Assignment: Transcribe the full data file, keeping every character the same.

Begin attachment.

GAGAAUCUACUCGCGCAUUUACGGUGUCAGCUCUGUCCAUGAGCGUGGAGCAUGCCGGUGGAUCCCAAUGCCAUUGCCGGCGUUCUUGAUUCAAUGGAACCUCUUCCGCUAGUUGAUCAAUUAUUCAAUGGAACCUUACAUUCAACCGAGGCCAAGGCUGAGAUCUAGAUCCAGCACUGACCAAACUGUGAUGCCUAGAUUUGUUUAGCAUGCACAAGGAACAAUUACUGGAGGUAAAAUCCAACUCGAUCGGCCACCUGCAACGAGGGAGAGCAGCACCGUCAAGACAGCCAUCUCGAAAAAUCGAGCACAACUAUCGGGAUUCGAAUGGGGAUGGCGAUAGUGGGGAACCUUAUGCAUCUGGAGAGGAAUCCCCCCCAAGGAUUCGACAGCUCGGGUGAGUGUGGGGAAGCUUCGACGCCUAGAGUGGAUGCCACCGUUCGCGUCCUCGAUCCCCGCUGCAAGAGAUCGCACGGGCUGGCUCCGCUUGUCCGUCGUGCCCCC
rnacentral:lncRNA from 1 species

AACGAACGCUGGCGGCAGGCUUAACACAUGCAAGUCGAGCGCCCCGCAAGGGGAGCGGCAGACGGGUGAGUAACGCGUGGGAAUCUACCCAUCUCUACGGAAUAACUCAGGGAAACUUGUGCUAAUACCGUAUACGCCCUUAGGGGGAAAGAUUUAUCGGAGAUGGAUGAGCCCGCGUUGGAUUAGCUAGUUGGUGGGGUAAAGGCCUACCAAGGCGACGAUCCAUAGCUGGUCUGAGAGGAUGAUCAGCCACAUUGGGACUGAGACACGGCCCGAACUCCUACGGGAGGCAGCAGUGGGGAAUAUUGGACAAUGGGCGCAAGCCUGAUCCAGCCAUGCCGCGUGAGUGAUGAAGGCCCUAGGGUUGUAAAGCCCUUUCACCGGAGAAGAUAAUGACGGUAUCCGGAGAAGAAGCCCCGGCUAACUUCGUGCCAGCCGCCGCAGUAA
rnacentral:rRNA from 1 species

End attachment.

GAGAAUCUACUCGCGCAUUUACGGUGUCAGCUCUGUCCAUGAGCGUGGAGCAUGCCGGUGGAUCCCAAUGCCAUUGCCGGCGUUCUUGAUUCAAUGGAACCUCUUCCGCUAGUUGAUCAAUUAUUCAAUGGAACCUUACAUUCAACCGAGGCCAAGGCUGAGAUCUAGAUCCAGCACUGACCAAACUGUGAUGCCUAGAUUUGUUUAGCAUGCACAAGGAACAAUUACUGGAGGUAAAAUCCAACUCGAUCGGCCACCUGCAACGAGGGAGAGCAGCACCGUCAAGACAGCCAUCUCGAAAAAUCGAGCACAACUAUCGGGAUUCGAAUGGGGAUGGCGAUAGUGGGGAACCUUAUGCAUCUGGAGAGGAAUCCCCCCCAAGGAUUCGACAGCUCGGGUGAGUGUGGGGAAGCUUCGACGCCUAGAGUGGAUGCCACCGUUCGCGUCCUCGAUCCCCGCUGCAAGAGAUCGCACGGGCUGGCUCCGCUUGUCCGUCGUGCCCCC
rnacentral:lncRNA from 1 species

AACGAACGCUGGCGGCAGGCUUAACACAUGCAAGUCGAGCGCCCCGCAAGGGGAGCGGCAGACGGGUGAGUAACGCGUGGGAAUCUACCCAUCUCUACGGAAUAACUCAGGGAAACUUGUGCUAAUACCGUAUACGCCCUUAGGGGGAAAGAUUUAUCGGAGAUGGAUGAGCCCGCGUUGGAUUAGCUAGUUGGUGGGGUAAAGGCCUACCAAGGCGACGAUCCAUAGCUGGUCUGAGAGGAUGAUCAGCCACAUUGGGACUGAGACACGGCCCGAACUCCUACGGGAGGCAGCAGUGGGGAAUAUUGGACAAUGGGCGCAAGCCUGAUCCAGCCAUGCCGCGUGAGUGAUGAAGGCCCUAGGGUUGUAAAGCCCUUUCACCGGAGAAGAUAAUGACGGUAUCCGGAGAAGAAGCCCCGGCUAACUUCGUGCCAGCCGCCGCAGUAA
rnacentral:rRNA from 1 species